The U.K. Statistics Regulator has released a statement announcing that they have not found evidence to support the Home Secretary Suella Braverman’s claims that people are abusing the U.K.’s modern slavery laws and “gaming the system”.
Dangerous and unsubstantiated rhetoric
Damaging rhetoric from the U.K. government has contributed to an environment that casts doubt on the veracity of modern slavery survivors’ claims with the intent to justify increasingly restrictive immigration legislation and the rollback of protections for survivors.
But official data doesn’t support the claims made by the government that people are abusing the system.
In a letter to Home Office officials on Thursday, the Office for Statistics Regulation said it had requested “specific evidence” for her claims but none was provided.
Ed Humpherson, the director general for regulation, said that although the number of modern slavery victims referred to by the Home Office had increased rapidly, the rise “may reflect changes in awareness”.
“The proportion of referrals deemed by the Home Office to be genuine cases of modern slavery in its ‘conclusive grounds decisions’ has risen year by year from 58 per cent in 2016 to 91 per cent in 2021, which does not suggest in itself that gaming is a growing problem,” his letter added.
Dame Sara Thornton, the former U.K. Independent Anti-Slavery Commissioner, also wrote to the former Home Secretary Priti Patel asking for evidence to back up alleged manipulation claims but she never received an answer.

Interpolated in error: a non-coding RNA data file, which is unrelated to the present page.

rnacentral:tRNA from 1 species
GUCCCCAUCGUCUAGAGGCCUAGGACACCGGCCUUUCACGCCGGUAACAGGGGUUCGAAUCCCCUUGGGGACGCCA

Dame Sara Thornton said: “I do not think the evidence, as I understand it, supports the rhetoric, and the concern is that the rhetoric is severely undermining the Modern Slavery Act protections.”
U.K. intent on rolling back support
Just this week, the U.K. Prime Minister Rishi Sunak singled out Albanian nationals in disturbing plans to apply a higher bar to migrants arriving through irregular means, including those who say they are trafficking survivors, whilst claiming to provide a safe haven for the most vulnerable.
A two tier approach based on means of entry, further marginalizes those most vulnerable and goes against the international principle of the right to seek safety through whatever means are available.
The most effective way to reduce vulnerability to exploitation, protect survivors of human trafficking and stop dangerous crossings is to provide safe and legal routes. Survivors need time to disclose information about their experiences and seek advice. Fast-tracked removals of people seeking asylum risk trafficking victims being completely overlooked and sent back to conditions of exploitation and abuse.
Furthermore, raising the threshold of proof for survivors of modern slavery will inevitably lead to survivors being overlooked and instead face detention, deportation and re-trafficking.
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